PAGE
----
TOTE: 12,000 Rain Gardens

TOTE Rain Gardens: Protecting Washington waterways


written by Dana E. Neuts | illustration by Michael Williamson


A third of all polluted waters in Washington are fouled by stormwater runoff, which occurs when rain falls on streets, rooftops and other hard surfaces. Along the way the runoff picks up oil, grease, vehicle coolant, fertilizer and pesticides and delivers them, unfiltered, to our waterways. This pollution poses a threat to wildlife and natural habitats, and according to the Washington Department of Ecology, stormwater is the state’s main cause of poor water quality.
One solution to polluted runoff is creating rain gardens that filter the runoff before it goes downstream. Organizations such as Stewardship Partners, Washington State University, The Nature Conservancy, Washington State Department of Ecology and Washington Environmental Council are working together to educate businesses and residents about the value of rain gardens throughout Puget Sound through the 12,000 Rain Gardens project. Starting in 2011, the goal was to create 12,000 rain gardens by the end of 2016. To date, 3,492 have been created.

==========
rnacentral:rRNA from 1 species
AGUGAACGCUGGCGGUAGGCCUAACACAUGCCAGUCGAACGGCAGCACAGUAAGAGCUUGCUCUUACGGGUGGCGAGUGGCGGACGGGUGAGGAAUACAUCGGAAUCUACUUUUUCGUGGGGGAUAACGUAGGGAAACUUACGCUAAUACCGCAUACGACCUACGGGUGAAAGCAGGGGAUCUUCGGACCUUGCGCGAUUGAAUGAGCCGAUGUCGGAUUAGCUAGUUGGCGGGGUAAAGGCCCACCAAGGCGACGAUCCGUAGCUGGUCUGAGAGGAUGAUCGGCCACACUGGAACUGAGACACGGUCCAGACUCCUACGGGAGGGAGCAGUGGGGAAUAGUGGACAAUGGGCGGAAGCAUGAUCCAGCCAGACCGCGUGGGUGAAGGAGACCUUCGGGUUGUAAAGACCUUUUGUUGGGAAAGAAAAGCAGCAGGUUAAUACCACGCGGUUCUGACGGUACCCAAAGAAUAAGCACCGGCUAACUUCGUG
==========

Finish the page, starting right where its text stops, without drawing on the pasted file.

Totem Ocean Trailer Express (TOTE) of Tacoma has created rain gardens to retain its industrial stormwater permit, reduce pollutants such as copper and zinc and improve the aesthetics of the TOTE terminal. It also serves as an example to other businesses how effective rain gardens can be. The TOTE rain gardens were the first of their kind in the South Sound.
“Our goal installing these was to reduce contaminants. We did not think that we would totally eliminate them, but that’s what’s happened,” TOTE terminal specialist Lisa Kavanaugh said.
Aaron Clark, an environmental scientist and director of strategic partnerships for Stewardship Partners, said rain gardens can be scaled to meet the needs of homeowners, business owners and organizations.
“Rain gardens are often thought of as just a homeowner tool, but the exact same concept of soils and plants capturing and filtering the rain (just like a forest does) transcends just residential to industrial, commercial, but also rural landscapes where concepts like riparian buffers filter agricultural runoff and simultaneously protect farms from flooding,” Clark said. “I often say that every rain garden dreams of becoming an evergreen forest when it grows up.”

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